An analogy: You wake up and your car is gone. "Shit!" you say; "My car has been stolen!" Your spouse replies: "No, no, no. Today was street-cleaning day; you weren't supposed to park on the street. They just towed your car away!"

Your car is gone, and two explanations have been offered. Both are relatively plausible. But your spouse is wrong if he or she believes that he/she has just disproved your initial claim that the car had been stolen. It is still quite possible that a thief has made off with your vehicle.

Maybe in this case you find one of these explanations more plausible. But you need to explain why; without further argument, all we know is that two possible explanations exist.

Now, maybe there are independent reasons to prefer Manjoo's explanation over the 'Kerry won' explanation. But my only point is that Manjoo seems to think he doesn't need any such reasons, that the mere fact that the exit polls can be explained without invoking fraud somehow proves that fraud wasn't involved. He's wrong.

Divine design

How important is design in blogging? Meaning, does it really matter what your site looks like, or is content the only relevant concern?

I used to think only content mattered. But the more I blog myself, and the more blogs I read, the more I think that design matters quite a bit. I used to think it was a bit snobbish to dis the use of the Blogger templates, but for better or for worse, it is very difficult to make your site stand out if it looks exactly like countless other blogs.

However, when it comes to blog design, less is often more. For an example of a beautifully understated layout, see the redecorating job that Becky has done at Archaeopteryx. I also especially like the designs at Liberal Avenger, Code Three, and Casual Asides.

I also recommend creating a favicon for your site. That's the itty bitty graphic that some sites cause browsers to display in the address bar, and in the Favorites menu (and, if you use Firefox, on the little tabs). A gallery of favicons can be found here. This is very easy to do - I just did it for this site, and believe me, if it weren't easy, I wouldn't have been able to do it. (If anyone wants me to explain it, drop me a line.) I don't know how much of a difference it makes, but I, for one, am sick of the little orange and white Blogspot favicon.

Rummy: Could be worse

From BBC News:
Iraq 'no more safe than in 2003'

US Defence Secretary Donald Rumsfeld has acknowledged that security in Iraq has not improved statistically since Saddam Hussein's fall in 2003.

... In an interview for the BBC's Newsnight programme, Mr Rumsfeld said Iraq had passed several milestones, like holding elections and appointing a government.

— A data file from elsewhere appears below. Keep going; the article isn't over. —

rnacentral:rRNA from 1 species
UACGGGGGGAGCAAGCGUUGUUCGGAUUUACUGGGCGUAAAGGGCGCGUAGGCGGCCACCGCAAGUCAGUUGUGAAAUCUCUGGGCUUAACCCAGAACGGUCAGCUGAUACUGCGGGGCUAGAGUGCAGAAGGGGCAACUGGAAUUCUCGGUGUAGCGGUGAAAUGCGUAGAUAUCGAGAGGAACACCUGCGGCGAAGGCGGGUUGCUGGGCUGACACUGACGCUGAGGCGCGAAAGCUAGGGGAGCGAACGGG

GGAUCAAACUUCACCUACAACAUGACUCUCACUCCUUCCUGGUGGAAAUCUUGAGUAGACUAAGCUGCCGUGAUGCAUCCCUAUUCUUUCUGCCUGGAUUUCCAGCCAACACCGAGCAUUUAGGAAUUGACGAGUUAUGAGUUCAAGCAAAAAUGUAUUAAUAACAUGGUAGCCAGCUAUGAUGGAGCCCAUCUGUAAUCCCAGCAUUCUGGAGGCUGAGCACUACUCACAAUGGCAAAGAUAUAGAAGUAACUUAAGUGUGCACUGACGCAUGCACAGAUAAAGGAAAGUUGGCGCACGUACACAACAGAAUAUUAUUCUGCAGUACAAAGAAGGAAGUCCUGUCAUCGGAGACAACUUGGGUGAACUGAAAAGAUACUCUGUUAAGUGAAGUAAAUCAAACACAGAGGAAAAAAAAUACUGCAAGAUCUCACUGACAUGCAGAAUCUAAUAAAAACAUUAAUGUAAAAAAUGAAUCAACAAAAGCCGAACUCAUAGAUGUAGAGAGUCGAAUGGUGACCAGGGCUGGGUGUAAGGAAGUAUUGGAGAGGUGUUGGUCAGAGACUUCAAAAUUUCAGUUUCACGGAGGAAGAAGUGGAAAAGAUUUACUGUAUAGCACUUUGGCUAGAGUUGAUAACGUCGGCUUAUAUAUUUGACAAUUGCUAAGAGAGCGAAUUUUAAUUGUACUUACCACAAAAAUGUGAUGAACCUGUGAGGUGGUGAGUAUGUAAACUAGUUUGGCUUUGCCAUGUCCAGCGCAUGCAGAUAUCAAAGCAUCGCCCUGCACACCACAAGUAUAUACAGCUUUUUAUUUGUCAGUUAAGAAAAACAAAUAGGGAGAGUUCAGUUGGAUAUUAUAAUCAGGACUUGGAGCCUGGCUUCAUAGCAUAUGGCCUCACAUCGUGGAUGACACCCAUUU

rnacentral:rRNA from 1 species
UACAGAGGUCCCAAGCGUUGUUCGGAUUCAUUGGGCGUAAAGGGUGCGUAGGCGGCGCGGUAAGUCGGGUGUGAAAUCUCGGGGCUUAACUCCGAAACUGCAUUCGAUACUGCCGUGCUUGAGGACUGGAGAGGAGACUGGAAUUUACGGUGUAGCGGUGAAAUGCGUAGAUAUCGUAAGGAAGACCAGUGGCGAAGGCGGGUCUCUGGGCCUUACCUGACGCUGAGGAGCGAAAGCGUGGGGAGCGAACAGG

But asked if the security situation had improved, he admitted: "Statistically, no."

"But clearly it has been getting better as we've gone along," he added.

"A lot of bad things that could have happened have not happened."

He said that efforts had shifted from counter-insurgency to helping the Iraqi security forces.

"The important thing... is to recognise that this insurgency is going to be defeated not by the coalition - it's going to be defeated by the Iraqi people and by the Iraqi security forces, and that it's going to happen as the Iraq people begin to believe they've got a future in that country," he said.

He added that Syria was not doing enough to stop the insurgency and that Iran was meddling in Iraqi politics.


"A lot of bad things that could have happened have not happened." That really is classic Rumsfeld. I don't think it makes for a very catchy rallying cry, though: "Yeah, things suck ... but think how much worse they could suck!"

Sure, Bush is a dumbass ... but there are a lot of stupid things he could have said that he didn't say.

And the line about Syria and Iran is a bit ominous ... why is it Syria's responsibility to 'stop the insurgency' anyway?

Piss off, Biden (part 2)

Cooler-than-the-other-side-of-the-pillow David Sirota says:
Sen. Joe Biden (D) is continuing his self-serving, arrogant and conceited attack on DNC Chairman Howard Dean, this time telling Don Imus that "The Democratic chairman does not speak for me, an elected United States senator. No party official speaks for me anytime, anyplace, under any circumstances. And I think the rhetoric is counter-productive."

All good Democrats and progressives should make a deal with Biden: he can continue stabbing his own party in the back with impunity for his own self-promotion, and say his party doesn't speak for him. In exchange, Biden should agree to never, ever claim to speak for Democrats. Remember, this is a Senator who (among other things) led the fight to pass the bankruptcy bill, voted against limiting the interest credit card companies can gouge consumers with, voted against limiting predatory lending, voted against protecting consumers when their identity is stolen, voted for the Iraq War and voted to confirm Secretary of State Condoleezza Rice.

...Is it a deal, Joe? We won't speak for you, as long as you never, ever try to claim your record is representative of us. Sounds pretty fair - and believe me, in the long run, the Democratic Party would be getting the better end of the bargain.

I'm in.

6/14/2005

Say it ain't so, SpongeBob



Did you know that you can buy a SpongeBob SquarePants rectal thermometer?

Germanic rebellion

From Spiegel Online:
Right Wing Extremism in Germany

Shock Mom and Dad: Become a Neo-Nazi

German young people, faced with liberal parents who are tolerant about sex, drugs and rock and roll, are increasingly rebelling by turning to right-wing extremism. Neo-nazi fashion, music and ideology have become an ever important part of German youth culture.

...Quietly and persistently, a new youth culture has developed in both the eastern and western parts of Germany. It's Germanic and xenophobic and potentially explosive.